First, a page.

A case for support document is one of the most effective fundraising tools for any nonprofit. A well-written and designed case for support will help you tell the story of your cause and walk potential donors through a persuasive sequence that works.
A case for support can work for the entire organization as well as for a new initiative within a large, multifaceted one. A church, for example, might want to start an outreach to the community with a dream center. A case for support is a perfect first step and an ongoing document to share with new and existing donors.
In my experience, having a case for support can more than double your fundraising ability. Unfortunately, many nonprofits either don’t know about this tool or have not seen its value.
So what makes a case for support that works? (I have a sample for you download at the end)
Let me break down the sections:
Tell one story that illustrates why what you do matters.
People connect with stories of real people. We often want to start our conversation with numbers: the total number of people we reached, the total amount of help our organization provided, and other significant numbers. But that’s not where you should start.
Start with a single story that illustrates the importance of what you do. Show a face a name and let your audience live that story.
Bring the story into the larger context of the problem.
Your story illustrates a problem. And, most likely, that problem is severe and widespread. Move your lens up from the single story and show the true magnitude of the problem you are solving.
Let them know how you are standing in the gap and solving this problem.
This section should show how your organization is working to solve the problem and create a better community and world. It’s your unique approach and calling that makes this section so important.
Help them see that a better future is possible.
No one wants to give to a losing battle. Most of us work for nonprofits and churches because we believe that what we do can and will make a difference. In this section, you will want to let your reader know that a better future is still possible.
Make them part of the solution.
But this better future can only happen when the reader becomes part of the cause and partners with you to make these changes happen. While they may not be the hero of the story yet, they can become one by investing in the transformation that your organization provides.
Illustrate with social proof.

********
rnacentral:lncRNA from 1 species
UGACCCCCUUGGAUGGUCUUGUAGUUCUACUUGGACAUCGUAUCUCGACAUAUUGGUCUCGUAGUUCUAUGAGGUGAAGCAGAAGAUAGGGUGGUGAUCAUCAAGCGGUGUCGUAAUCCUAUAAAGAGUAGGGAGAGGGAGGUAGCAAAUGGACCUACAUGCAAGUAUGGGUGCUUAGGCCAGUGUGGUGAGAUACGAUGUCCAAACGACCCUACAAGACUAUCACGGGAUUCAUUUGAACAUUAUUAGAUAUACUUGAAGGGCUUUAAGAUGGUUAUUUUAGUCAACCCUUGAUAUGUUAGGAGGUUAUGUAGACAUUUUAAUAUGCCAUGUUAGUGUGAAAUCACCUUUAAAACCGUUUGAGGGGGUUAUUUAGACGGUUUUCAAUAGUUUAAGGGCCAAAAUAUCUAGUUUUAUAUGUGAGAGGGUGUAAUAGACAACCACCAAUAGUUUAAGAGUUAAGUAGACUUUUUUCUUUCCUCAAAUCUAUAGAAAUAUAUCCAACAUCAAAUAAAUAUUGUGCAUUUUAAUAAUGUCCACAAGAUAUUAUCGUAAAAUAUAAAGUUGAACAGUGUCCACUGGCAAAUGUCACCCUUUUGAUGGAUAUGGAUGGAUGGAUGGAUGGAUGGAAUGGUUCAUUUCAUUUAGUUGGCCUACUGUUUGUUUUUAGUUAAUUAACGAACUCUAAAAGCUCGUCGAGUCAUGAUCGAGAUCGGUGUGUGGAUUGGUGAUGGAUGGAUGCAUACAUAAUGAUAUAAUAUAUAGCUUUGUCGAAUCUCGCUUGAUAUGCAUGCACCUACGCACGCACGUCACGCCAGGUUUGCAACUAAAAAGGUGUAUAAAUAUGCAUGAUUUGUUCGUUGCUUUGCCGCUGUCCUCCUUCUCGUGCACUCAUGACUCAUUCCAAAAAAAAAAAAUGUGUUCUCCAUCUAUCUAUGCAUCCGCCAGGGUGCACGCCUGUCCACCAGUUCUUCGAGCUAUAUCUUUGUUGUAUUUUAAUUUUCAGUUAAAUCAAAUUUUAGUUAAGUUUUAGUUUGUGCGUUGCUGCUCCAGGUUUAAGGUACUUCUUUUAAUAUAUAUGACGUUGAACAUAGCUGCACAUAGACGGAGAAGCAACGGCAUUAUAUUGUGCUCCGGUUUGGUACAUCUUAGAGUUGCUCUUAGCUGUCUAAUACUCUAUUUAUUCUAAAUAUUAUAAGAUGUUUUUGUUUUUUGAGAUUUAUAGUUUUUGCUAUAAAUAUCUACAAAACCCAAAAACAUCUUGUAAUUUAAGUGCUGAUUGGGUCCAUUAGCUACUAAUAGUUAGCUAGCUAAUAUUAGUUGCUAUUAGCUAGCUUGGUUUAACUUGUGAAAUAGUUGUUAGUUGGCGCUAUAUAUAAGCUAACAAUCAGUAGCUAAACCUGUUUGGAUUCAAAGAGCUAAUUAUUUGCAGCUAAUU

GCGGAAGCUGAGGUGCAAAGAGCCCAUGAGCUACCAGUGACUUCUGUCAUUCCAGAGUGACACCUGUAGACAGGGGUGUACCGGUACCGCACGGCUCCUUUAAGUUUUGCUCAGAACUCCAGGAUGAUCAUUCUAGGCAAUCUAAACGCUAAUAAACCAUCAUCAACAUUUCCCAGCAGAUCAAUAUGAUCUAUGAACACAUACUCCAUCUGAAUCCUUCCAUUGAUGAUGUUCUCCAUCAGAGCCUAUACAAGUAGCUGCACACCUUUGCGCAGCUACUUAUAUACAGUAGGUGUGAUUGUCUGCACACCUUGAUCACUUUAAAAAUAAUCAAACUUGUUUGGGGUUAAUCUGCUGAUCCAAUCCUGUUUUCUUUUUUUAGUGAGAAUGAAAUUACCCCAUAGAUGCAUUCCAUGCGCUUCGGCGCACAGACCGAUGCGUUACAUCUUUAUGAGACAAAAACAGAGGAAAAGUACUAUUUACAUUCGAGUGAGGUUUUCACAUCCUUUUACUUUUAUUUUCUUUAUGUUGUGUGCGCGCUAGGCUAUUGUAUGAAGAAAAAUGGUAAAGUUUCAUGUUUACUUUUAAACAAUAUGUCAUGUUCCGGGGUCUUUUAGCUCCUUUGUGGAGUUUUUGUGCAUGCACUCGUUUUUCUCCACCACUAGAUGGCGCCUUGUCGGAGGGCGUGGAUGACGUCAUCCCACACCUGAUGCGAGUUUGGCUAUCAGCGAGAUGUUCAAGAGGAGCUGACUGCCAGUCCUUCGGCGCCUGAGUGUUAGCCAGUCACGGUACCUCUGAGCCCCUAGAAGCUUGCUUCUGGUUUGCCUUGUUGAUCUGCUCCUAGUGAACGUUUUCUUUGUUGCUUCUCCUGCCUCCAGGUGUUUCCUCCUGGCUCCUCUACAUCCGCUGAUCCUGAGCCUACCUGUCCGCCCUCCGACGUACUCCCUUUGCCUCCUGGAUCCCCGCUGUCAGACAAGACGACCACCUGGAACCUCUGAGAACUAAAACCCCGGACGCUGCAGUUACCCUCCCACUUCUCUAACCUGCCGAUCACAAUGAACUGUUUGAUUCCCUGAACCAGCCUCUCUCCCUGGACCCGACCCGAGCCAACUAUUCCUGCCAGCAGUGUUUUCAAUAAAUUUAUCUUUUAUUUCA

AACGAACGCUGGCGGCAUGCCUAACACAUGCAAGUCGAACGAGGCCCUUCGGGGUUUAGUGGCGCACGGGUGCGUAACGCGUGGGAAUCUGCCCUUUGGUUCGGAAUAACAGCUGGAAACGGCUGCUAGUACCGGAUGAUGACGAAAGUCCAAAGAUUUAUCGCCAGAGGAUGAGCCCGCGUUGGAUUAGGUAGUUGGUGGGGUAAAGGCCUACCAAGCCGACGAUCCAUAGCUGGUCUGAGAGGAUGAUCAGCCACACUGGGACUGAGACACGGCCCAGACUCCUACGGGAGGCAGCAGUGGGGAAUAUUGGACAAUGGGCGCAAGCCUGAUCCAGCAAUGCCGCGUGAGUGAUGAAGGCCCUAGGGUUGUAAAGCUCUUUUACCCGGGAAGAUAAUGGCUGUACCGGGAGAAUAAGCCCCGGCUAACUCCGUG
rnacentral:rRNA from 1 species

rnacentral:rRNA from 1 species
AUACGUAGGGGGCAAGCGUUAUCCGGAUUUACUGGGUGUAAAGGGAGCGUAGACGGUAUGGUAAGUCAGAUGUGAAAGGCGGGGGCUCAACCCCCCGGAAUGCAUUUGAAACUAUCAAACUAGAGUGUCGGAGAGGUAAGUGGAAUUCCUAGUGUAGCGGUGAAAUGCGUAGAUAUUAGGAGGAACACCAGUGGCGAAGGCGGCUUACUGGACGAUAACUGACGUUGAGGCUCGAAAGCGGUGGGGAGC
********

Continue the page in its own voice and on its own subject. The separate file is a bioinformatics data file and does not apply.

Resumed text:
If you have been operating for any amount of time, you’ll have testimonies of both people you have helped as well as donors who believe in you and have joined forces with you. This is a place to showcase them. In this section, we let others tell in their words that we are trustworthy and that we are doing what we say.
Show your needs in numbers and how the donor can make a difference.
Some get trapped in this section by showing an amount they think they can get versus what they really need.
The greater the cause you champion, the greater the need. Donors know the cost of doing things well. If you don’t ask enough, it can backfire. You don’t want to hear, “that’s a great cause, but there’s no way you can do all that with the money you are asking for.”
Use your financials to illustrate that you are fiscally responsible.
You don’t have to show every little expense in this section, but just simply showing that most of your contribution is going to do the work instead of overhead can make all the difference.
Let them know where and how to give.
Clear calls to actions are critical. Give them all the information and ways to contribute, including volunteering options. Most donors start their journey as volunteers.
Customize your ask based on the level of donor you are approaching.
Not all asks are equal. The case for support works with all types of donors, but it’s an excellent tool for large gifts when meeting one-on-one. Make the ask you need, not what you think the donor can give.
I learned long ago that no one is offended if you ask them for a significant gift. Once I asked a donor for $100,000. He was flattered that I thought he was that successful. He gave me $20,000. However, he told me that before our meeting, he was considering a $5,000 gift.